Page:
Pandora's avatar

Are all the steps into the home concrete or brick? I have a cousin who has a brick steps but the back yard steps are wood as are the steps leading from the garage. I don’t know how much a ramp would cost to put in but it may be more than they can afford plus it may not be convenient for them. Do they even own the home or is it rented?
I don’t think they are trying to make him feel uncomfortable but it sounds like they are doing the best they can.
Talk to them about finding a way to secure the ramp to their steps so he can come and go without feeling like a bother.
Or you can do like @YARNLADY suggested and buy one of those chairs that can climb steps.

Buttonstc's avatar

Obviously makeshift boards as ramps is no solution as it’s just way too dangerous.

However, due to my experience with a close friend of mine who is totally wheelchair bound, there is something I find puzzling.

You use the phrase “force him to endure being yanked up stairs by total strangers.”

Of course you shouldn’t force anything on anyone. But an inquisitive open discussion is different. And I’m puzzled why that option is totally off the table.

Has your husband expressed to you his discomfort at having him in his chair (not separately) carried (not yanked) up the stairs? Or is this your interpretation?

The reason I ask is because this is what my friend Terry would usually do. Obviously when going out to dinner we chose ramp accessible restaurants all the time.

But the first time I invited him to a party at my apt. in Phila. This was my biggest concern.

He was extremely independent and always drove himself everywhere and had his whole system for getting himself and his chair in and out of his Range Rover firmly established. Anyone trying to help him with it would just be getting in the way so he explained the first time I offered help.

But narrow row houses with steep stairs are ubiquitous in Center City Phila. Even if one had a ramp, there was scarcely room to put it.

So when I opened up the discussion about it, he just assured me not to worry about it, he would manage just fine.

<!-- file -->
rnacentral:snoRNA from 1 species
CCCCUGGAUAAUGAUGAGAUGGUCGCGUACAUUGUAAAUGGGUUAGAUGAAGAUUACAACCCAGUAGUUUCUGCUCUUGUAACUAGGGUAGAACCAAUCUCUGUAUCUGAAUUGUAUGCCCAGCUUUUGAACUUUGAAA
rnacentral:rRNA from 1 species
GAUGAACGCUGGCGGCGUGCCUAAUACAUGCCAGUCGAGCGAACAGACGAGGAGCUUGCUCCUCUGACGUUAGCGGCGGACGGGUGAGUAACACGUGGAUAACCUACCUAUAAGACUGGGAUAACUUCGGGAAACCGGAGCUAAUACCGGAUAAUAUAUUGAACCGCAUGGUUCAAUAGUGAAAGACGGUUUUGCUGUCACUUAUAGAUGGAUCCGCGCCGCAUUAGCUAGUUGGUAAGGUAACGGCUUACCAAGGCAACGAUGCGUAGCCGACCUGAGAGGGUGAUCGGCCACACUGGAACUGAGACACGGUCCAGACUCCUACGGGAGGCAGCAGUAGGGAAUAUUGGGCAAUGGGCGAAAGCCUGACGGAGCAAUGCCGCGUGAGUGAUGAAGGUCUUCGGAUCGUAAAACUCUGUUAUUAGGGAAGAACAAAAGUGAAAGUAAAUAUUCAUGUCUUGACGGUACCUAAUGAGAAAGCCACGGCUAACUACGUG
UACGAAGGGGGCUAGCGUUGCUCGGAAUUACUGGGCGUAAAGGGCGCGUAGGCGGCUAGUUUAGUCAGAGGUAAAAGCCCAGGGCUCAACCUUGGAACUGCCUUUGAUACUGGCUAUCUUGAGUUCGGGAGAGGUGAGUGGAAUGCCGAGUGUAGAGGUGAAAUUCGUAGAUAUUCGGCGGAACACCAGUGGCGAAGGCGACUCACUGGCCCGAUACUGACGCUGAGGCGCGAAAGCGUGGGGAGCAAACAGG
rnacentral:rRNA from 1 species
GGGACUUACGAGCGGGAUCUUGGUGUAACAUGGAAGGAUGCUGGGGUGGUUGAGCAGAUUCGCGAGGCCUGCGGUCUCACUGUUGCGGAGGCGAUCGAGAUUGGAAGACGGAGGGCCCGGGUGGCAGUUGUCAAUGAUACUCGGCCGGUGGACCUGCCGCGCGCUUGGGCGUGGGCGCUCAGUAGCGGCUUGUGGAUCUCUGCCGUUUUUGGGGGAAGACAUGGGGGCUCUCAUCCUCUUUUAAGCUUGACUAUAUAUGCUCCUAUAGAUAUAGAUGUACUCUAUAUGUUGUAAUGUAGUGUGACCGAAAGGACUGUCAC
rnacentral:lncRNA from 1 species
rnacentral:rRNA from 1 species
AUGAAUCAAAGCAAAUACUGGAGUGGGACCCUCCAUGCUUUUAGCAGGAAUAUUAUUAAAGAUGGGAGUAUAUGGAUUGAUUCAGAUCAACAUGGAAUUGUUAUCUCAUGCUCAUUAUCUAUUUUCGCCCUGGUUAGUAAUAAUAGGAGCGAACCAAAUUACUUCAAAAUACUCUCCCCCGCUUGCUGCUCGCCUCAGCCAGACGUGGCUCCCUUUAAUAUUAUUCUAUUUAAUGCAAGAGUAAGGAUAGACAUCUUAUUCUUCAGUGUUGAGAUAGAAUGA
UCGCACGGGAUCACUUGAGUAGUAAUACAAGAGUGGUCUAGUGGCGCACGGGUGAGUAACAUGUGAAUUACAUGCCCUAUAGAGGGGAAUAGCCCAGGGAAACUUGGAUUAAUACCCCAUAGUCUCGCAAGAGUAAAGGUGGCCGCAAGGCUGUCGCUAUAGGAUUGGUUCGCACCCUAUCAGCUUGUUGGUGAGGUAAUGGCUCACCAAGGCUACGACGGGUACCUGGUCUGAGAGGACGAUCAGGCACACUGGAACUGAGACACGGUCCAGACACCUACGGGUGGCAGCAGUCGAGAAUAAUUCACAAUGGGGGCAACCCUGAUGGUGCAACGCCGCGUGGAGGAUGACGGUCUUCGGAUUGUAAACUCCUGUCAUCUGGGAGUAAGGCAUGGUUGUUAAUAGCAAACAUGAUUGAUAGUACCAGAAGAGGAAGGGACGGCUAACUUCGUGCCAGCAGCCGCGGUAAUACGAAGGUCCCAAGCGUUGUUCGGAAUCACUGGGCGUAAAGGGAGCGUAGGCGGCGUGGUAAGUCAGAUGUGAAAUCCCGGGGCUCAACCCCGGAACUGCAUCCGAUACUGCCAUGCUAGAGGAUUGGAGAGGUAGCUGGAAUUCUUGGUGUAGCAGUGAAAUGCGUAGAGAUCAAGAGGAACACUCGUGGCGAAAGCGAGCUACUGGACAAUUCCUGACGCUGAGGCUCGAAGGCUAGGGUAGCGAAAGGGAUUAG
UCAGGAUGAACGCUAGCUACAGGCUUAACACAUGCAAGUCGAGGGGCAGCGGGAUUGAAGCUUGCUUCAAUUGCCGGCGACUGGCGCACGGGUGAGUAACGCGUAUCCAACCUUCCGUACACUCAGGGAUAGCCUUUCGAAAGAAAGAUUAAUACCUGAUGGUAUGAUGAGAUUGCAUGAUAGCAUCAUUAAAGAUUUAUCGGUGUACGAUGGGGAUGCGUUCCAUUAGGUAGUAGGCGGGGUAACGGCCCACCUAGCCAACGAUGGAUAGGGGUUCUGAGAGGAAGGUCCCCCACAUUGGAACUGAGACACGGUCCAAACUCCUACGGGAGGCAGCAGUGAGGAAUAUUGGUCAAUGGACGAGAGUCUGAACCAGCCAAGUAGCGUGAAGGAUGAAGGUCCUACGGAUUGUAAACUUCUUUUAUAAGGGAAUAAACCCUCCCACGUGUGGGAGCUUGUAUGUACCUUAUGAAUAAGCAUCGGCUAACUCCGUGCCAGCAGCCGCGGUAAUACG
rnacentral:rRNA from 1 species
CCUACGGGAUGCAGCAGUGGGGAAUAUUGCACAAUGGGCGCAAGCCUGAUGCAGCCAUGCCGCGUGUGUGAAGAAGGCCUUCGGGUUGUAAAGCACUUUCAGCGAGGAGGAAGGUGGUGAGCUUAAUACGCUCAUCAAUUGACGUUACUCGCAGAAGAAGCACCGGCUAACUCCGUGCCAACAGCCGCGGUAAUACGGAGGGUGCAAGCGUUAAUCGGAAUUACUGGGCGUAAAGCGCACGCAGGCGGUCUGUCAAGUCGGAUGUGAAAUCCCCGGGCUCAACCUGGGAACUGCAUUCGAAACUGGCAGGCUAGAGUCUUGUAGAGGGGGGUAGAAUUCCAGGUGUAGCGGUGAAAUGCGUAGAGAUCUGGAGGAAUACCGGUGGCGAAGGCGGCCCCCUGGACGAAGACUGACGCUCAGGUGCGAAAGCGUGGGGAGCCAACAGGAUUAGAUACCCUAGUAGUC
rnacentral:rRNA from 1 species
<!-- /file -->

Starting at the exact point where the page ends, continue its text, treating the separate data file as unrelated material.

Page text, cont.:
He explained that he has to navigate steps all the time all over the city. There are usually a few strong guys who don’t mind helping out. As long as there’s one for each side of the chair and somebody else to hold the door, I’ll tell them exactly what to do he said. Just let me handle it.

And that’s exactly what he did. There wasn’t any yanking involved at all. And they were total strangers to him. He directed the whole thing without a hitch. And does it all the time when there’s no other way. To him it was just his reality. A necessity of life that he was used to dealing with in a city full of row houses.

He was also a very social guy and he told me that once he went through his moping helpless years immediately following his accident, he realized that if he didn’t take charge and make things happen, then nothing would ever he figured it out.

Getting people to carry him in his chair up stairs was just a fact of life to be dealt with.

I don’t know if he had some mystery method so people wouldn’t yank him or drop him or not. It didn’t seem like it. With the help of a couple of very willing husky guys and his affable nature it just went smoothly.

I’ve also heard John Hockenbury, a wheelchair-bound journalist who traveled all over (even third world nations) with limited access speak to the challenges of getting around.

His opinion was that even in the most primitive nations and even out in the bush, people in those areas had a much more accepting and natural attitude about dealing with people in wheelchairs. There was an overwhelming spirit of everybody being willing to cheerfully help out and all pitch in to get the job done. No awkwardness and he seldom had to ask for help since it was offered before he had a chance to open his mouth. And it just wasn’t that big a deal.

He and his chair got carried in plenty of places where there just wasn’t any other way. And he was fine with that even tho it would have been far easier to just work at the station in NY where he could go back and forth from his fully accessible apt to his fully accessible workplace, restaurants, etc.

But he wanted to travel the world. So he was willing to get carried where necessary and push himself around by brute force the rest of the time.

He didn’t use a motorized chair and neither did my friend Terry because they’re simply too heavy to allow for much flexibility.

Does your hubby have a motorized chair or a regular one? I’m certainly no expert on disability issues but have had a little bit of firsthand experience with Terry and another friend of mine.

So I guess I’m a little bit puzzled as to why being carried upstairs in ones chair is so completely out of the question. Has there been a previous bad or painful experience with that or what?

I’m honestly not trying to oversimplify things cuz I realize how difficult it is to deal with a disability in hundreds of little ways that most of us are unaware.

It just seems like a shame for such a social guy to have to be this isolated when there are usually willing hands to be found when there are stairs but no ramps.

Of course figuring out a way for ramps to be feasible is ideal but sometimes it’s just not possible. Cost is a major factor.